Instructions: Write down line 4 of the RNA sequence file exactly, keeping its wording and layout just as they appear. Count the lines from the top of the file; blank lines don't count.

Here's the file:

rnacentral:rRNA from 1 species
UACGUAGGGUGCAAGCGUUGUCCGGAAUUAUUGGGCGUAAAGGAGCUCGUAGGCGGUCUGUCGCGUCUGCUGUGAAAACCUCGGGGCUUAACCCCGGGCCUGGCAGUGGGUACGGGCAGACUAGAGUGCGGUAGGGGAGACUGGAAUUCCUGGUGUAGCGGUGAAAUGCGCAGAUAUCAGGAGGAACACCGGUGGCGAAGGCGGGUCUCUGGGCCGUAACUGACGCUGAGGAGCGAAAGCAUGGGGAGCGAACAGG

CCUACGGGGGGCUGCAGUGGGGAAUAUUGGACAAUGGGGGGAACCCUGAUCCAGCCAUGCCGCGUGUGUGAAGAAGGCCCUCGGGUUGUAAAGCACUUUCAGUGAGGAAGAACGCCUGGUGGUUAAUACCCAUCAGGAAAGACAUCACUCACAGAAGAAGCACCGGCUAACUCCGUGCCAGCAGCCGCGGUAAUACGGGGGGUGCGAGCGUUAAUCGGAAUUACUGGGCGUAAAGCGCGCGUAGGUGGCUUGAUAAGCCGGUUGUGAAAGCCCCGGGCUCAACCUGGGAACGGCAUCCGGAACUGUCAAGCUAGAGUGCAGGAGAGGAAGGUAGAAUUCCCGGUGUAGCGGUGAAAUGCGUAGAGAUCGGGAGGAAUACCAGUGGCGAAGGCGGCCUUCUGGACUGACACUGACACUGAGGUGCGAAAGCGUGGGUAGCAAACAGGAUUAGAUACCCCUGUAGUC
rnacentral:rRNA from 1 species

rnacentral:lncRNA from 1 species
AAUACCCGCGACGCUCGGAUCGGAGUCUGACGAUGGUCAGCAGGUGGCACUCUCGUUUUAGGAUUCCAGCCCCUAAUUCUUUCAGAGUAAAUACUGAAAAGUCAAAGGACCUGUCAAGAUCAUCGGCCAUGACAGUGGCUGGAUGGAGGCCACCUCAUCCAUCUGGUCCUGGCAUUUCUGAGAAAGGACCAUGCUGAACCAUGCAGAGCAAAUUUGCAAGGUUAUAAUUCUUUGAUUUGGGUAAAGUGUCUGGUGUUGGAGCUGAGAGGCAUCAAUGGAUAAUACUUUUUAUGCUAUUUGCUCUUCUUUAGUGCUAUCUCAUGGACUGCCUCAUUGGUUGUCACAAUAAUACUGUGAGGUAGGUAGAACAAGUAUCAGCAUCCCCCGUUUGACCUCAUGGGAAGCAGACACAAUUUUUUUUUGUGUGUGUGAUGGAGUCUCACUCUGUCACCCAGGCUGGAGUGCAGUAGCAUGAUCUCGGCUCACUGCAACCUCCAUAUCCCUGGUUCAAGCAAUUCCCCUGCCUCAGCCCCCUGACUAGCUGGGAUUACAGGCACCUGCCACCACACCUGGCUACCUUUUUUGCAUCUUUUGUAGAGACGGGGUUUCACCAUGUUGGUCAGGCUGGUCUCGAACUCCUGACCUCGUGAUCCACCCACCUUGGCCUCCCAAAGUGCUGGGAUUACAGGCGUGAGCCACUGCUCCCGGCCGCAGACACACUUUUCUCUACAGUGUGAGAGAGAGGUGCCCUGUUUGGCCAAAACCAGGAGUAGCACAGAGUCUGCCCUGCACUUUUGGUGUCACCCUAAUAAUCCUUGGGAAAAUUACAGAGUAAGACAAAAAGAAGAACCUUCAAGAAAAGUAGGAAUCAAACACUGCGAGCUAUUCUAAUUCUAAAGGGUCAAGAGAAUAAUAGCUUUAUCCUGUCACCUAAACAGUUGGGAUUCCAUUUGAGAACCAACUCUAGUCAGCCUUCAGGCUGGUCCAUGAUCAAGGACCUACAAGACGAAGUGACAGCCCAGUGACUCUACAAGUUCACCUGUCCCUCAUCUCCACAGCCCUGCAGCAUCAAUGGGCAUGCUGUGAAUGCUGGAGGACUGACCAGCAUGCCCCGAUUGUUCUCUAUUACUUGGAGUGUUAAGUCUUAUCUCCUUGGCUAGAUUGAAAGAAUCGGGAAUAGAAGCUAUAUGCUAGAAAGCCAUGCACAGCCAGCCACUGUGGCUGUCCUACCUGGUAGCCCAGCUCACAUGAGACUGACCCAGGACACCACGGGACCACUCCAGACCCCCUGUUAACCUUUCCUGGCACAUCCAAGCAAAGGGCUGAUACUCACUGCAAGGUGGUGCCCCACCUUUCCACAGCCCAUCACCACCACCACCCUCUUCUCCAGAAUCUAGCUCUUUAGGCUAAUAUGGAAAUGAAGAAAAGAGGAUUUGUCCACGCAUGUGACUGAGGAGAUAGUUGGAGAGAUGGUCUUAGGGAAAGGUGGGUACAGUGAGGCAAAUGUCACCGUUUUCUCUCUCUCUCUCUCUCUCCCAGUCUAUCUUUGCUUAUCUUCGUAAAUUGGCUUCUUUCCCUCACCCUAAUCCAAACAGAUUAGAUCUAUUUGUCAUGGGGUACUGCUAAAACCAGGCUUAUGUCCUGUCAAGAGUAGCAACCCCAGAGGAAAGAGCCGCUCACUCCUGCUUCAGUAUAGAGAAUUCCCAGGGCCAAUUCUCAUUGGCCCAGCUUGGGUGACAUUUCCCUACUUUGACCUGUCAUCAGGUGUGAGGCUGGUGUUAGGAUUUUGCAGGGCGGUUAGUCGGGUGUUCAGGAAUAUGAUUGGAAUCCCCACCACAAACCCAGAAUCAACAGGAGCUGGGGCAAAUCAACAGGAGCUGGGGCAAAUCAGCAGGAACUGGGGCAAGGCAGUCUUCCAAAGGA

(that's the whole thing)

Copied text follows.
rnacentral:rRNA from 1 species